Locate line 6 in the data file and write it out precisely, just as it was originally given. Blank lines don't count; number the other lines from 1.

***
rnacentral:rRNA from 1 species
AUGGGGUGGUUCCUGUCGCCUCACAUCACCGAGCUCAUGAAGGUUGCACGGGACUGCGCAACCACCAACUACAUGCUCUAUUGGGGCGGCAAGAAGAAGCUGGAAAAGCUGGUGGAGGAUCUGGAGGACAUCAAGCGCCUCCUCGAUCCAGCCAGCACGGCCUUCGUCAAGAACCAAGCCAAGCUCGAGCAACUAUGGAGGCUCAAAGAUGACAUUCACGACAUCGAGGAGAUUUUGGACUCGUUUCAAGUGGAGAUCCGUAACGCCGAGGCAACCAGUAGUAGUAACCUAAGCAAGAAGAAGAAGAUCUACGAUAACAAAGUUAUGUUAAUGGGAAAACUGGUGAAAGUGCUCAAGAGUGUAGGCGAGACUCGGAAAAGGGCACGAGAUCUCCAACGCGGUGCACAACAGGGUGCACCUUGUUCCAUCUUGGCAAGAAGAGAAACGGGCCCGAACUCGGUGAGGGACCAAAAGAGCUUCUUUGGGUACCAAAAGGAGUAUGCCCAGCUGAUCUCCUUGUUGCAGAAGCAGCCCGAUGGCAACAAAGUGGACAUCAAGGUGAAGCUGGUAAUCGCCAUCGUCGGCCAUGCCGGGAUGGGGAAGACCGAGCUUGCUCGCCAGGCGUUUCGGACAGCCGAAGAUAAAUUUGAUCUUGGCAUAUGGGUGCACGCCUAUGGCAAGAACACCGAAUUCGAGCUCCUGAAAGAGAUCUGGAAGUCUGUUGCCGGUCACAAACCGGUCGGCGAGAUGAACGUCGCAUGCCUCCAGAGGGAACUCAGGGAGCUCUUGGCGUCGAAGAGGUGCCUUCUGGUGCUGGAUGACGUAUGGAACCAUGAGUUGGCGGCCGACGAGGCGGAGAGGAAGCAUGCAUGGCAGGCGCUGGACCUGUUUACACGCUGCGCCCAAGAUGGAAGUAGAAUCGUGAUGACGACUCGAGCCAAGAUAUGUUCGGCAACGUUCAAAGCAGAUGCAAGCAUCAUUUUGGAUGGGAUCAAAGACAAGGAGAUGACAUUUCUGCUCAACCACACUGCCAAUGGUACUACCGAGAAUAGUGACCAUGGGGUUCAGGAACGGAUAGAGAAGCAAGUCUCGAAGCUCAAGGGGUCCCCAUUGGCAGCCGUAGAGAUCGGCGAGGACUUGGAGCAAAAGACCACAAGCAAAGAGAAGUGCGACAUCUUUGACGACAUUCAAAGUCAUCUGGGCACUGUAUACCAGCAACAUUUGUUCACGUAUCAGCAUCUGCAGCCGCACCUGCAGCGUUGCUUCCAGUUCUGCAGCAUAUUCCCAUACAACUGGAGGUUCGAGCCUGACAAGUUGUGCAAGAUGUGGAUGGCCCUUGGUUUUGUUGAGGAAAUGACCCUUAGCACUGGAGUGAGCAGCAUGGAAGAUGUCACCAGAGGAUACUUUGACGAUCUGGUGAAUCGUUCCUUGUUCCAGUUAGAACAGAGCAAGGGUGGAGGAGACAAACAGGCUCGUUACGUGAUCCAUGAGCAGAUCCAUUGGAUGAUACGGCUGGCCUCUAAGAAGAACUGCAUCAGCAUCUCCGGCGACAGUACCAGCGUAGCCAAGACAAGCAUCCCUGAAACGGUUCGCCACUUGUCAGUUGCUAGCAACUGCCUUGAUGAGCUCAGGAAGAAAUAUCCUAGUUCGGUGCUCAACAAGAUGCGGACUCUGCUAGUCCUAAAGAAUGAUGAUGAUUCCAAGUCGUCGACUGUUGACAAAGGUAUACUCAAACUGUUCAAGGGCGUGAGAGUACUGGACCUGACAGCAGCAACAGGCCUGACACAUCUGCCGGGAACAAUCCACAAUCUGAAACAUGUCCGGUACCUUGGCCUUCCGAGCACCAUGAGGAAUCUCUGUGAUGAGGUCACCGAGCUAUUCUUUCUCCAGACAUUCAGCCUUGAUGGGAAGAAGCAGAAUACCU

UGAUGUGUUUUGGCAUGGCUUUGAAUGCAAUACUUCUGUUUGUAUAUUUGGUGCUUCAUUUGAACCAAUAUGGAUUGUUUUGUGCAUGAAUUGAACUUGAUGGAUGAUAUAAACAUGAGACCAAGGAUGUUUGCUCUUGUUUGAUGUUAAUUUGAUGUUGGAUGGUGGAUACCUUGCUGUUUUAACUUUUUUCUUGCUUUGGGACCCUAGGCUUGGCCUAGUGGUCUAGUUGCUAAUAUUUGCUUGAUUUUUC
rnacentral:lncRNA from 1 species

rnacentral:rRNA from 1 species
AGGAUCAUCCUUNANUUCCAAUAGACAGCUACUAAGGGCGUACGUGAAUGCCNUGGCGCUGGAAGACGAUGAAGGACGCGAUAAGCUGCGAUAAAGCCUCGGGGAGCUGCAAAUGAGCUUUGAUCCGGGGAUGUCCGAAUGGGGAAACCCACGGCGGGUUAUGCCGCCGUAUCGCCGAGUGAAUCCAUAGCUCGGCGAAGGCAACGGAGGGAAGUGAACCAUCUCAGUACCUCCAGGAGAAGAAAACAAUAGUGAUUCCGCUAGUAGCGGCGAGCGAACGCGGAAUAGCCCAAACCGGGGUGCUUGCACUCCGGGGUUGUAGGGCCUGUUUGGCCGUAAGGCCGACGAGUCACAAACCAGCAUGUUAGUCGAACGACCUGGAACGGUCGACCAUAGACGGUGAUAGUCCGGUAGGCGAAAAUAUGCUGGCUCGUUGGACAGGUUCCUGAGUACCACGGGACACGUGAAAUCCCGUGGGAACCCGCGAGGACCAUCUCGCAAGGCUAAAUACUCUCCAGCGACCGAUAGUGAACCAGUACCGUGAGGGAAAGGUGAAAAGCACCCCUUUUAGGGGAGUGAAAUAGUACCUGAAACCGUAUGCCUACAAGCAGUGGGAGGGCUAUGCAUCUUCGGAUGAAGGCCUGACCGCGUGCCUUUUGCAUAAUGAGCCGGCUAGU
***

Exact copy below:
AGGAUCAUCCUUNANUUCCAAUAGACAGCUACUAAGGGCGUACGUGAAUGCCNUGGCGCUGGAAGACGAUGAAGGACGCGAUAAGCUGCGAUAAAGCCUCGGGGAGCUGCAAAUGAGCUUUGAUCCGGGGAUGUCCGAAUGGGGAAACCCACGGCGGGUUAUGCCGCCGUAUCGCCGAGUGAAUCCAUAGCUCGGCGAAGGCAACGGAGGGAAGUGAACCAUCUCAGUACCUCCAGGAGAAGAAAACAAUAGUGAUUCCGCUAGUAGCGGCGAGCGAACGCGGAAUAGCCCAAACCGGGGUGCUUGCACUCCGGGGUUGUAGGGCCUGUUUGGCCGUAAGGCCGACGAGUCACAAACCAGCAUGUUAGUCGAACGACCUGGAACGGUCGACCAUAGACGGUGAUAGUCCGGUAGGCGAAAAUAUGCUGGCUCGUUGGACAGGUUCCUGAGUACCACGGGACACGUGAAAUCCCGUGGGAACCCGCGAGGACCAUCUCGCAAGGCUAAAUACUCUCCAGCGACCGAUAGUGAACCAGUACCGUGAGGGAAAGGUGAAAAGCACCCCUUUUAGGGGAGUGAAAUAGUACCUGAAACCGUAUGCCUACAAGCAGUGGGAGGGCUAUGCAUCUUCGGAUGAAGGCCUGACCGCGUGCCUUUUGCAUAAUGAGCCGGCUAGU